Education in Australia is awash with reviews. Political discourse would say it is governments at action stations. If there’s little coordination at the front line of action chances of success are limited, I would have thought, although progress on the odd battlefront isn’t something to be scoffed at here in Australia.
If there are all these battles, then what’s the war?
It’s the struggle many an advanced nation is facing – wage stagnation anchored to a long period of poor productivity growth. The sirens of alarm are numerous, from the Reserve Bank down.
How do these reviews hang together in the fight for the ongoing prosperity of this nation?
All worthy causes for battle but do they work together?
Joyce recommended forecasting of jobs, all jobs, coming together under the Skills Commissioner but this does not feature strongly in the discussion paper exploring the Skills Commission model. And whether that then leads to joined up funding policy between VET and higher education is less clear. Dan Tehan has been quoted as wanting a more seamless boundary between higher and vocational education, with ‘units of education that were interchangeable between the two sectors.’ The AQF is likely to signal alignment between sectors but whether it can unify is asking a lot of a non-legislated instrument with the power of a popgun. And the pathways review appears to be open to ‘recommendations to better support positive outcomes for young people’ while focusing on helping ‘students finding a route through increasingly complex learning pathways.’
In the chaos of Brexit, Theresa May managed to commission the Augar Report, an independent panel report to the Review of Post-18 Education and Funding in England, released in May this year. Faced with a range of issues not dissimilar to those facing us, a comprehensive review was formed, and a comprehensive report given.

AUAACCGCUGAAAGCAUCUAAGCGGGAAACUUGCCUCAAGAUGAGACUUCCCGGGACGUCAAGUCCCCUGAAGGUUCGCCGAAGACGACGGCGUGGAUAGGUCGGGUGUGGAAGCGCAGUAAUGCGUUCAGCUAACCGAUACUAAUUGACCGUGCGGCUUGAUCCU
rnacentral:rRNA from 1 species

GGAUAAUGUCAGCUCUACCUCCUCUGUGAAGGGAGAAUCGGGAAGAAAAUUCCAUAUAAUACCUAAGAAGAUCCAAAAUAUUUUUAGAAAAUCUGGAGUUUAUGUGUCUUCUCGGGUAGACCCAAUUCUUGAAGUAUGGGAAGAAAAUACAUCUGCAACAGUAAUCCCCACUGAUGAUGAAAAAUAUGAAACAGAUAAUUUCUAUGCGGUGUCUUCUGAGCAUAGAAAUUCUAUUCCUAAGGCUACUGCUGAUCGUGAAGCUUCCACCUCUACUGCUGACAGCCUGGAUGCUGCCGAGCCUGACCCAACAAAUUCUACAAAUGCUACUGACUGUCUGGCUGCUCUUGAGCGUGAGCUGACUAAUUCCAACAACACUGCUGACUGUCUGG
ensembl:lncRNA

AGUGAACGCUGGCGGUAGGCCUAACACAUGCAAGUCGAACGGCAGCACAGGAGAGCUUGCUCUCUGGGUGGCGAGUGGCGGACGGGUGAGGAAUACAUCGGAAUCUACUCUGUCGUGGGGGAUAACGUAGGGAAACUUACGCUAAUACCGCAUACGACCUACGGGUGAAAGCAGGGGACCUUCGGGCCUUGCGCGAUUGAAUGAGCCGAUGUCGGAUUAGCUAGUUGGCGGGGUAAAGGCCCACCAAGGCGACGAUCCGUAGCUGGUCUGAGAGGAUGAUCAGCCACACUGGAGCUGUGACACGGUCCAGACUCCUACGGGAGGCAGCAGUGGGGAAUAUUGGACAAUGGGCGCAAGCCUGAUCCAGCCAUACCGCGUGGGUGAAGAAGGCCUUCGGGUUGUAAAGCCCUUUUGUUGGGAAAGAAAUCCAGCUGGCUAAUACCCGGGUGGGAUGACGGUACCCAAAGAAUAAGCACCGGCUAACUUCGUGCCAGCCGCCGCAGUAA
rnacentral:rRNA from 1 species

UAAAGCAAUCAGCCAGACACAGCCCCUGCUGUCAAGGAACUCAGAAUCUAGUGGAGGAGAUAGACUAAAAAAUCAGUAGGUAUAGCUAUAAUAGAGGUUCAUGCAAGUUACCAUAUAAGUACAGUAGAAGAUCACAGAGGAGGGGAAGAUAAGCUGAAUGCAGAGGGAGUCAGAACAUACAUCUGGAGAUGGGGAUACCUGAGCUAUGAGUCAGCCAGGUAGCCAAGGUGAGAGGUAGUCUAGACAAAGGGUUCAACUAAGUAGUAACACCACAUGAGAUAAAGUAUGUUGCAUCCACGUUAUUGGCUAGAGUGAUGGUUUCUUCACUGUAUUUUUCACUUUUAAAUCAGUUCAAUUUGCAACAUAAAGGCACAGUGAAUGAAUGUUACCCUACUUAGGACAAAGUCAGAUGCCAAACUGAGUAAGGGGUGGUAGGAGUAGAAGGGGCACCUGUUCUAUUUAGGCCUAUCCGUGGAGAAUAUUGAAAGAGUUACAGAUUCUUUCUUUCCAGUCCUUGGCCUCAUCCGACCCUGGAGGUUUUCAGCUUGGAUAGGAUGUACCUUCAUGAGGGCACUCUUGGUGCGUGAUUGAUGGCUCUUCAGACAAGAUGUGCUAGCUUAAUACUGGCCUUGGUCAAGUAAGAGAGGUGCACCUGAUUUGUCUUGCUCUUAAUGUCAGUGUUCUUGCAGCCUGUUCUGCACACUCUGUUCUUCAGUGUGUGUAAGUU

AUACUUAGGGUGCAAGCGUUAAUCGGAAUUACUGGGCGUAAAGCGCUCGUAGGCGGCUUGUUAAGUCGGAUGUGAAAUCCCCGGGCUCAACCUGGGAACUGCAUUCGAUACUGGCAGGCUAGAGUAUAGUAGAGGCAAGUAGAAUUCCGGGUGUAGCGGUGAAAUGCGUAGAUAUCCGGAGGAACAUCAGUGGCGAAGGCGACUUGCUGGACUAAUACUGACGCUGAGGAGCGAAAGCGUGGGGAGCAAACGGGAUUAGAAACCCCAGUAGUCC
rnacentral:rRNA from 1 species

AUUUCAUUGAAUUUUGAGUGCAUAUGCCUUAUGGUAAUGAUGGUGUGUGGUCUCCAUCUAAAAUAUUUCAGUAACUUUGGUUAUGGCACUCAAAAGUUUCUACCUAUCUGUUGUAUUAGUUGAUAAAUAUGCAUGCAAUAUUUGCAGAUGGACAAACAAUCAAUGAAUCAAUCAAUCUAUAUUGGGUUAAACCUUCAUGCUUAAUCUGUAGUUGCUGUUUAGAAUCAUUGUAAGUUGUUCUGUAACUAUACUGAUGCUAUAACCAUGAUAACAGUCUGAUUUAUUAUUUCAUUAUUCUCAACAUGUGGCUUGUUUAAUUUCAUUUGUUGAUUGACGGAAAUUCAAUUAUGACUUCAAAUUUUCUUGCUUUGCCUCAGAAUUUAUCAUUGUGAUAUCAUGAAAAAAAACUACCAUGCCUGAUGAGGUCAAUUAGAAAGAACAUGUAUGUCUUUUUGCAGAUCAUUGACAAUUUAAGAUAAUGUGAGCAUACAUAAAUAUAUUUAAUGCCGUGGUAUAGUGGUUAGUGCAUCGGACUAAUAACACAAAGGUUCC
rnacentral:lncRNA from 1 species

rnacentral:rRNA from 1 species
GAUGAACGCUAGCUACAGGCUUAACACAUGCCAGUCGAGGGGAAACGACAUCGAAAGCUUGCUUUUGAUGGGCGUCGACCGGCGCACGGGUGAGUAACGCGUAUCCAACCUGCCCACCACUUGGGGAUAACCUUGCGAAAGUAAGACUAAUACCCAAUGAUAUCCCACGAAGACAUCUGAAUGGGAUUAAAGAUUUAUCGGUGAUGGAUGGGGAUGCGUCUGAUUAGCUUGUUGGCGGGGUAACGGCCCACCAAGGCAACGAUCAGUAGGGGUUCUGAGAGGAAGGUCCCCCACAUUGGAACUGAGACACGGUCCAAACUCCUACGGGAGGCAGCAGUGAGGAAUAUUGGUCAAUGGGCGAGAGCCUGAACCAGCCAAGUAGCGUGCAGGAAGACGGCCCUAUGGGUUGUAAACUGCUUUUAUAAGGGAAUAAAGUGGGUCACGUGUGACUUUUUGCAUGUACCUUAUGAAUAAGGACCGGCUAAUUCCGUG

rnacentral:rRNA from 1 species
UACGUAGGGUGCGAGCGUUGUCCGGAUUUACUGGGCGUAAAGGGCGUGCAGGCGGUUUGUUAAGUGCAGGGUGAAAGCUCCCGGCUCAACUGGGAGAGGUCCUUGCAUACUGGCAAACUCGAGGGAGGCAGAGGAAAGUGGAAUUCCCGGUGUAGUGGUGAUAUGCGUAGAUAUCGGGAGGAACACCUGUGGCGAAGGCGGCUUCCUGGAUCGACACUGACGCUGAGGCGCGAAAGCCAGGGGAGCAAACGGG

Augar and his panel retreated to a first principles approach – the purpose of the post-school sector and its service to the economy and society of England. It was little wonder that they found:
According to authoritative academic research there has been no improvement in social mobility in Britain over half a century: increases in wealth and changes in the overall structure of the job market have had no impact on the relative chances of people born into less advantaged groups. Indeed, ‘rising upward and falling downward mobility in the mid-20th century are now being reversed.’
… on current trends and despite recent progress, it would take five generations for a low-income UK family to reach the average UK family income. This is slower than the OECD average and much slower than in Scandinavian countries with the highest income mobility rates.
….those born between 1945 and 1975 had much greater chances of social mobility than those born afterwards.
I suspect it is not much different here in Australia. The question is what’s guiding our reviews?
Robert McNamara, Secretary of Defense during the Kennedy and Johnson Presidencies was famed for his systems analysis and management through statistics control which had taken him to the top of the Ford Motor Company. These proved no match to the unconventional warfare across the Indochinese Peninsula of North and South Vietnam.
Conventional thinking may not work in Australian education either. Where is the bolder vision? The Mackenzie Research Institute is giving it a go. A discussion paper Fit for purpose? Reforming tertiary education in Australia puts forward a bold plan. It warrants serious investigation.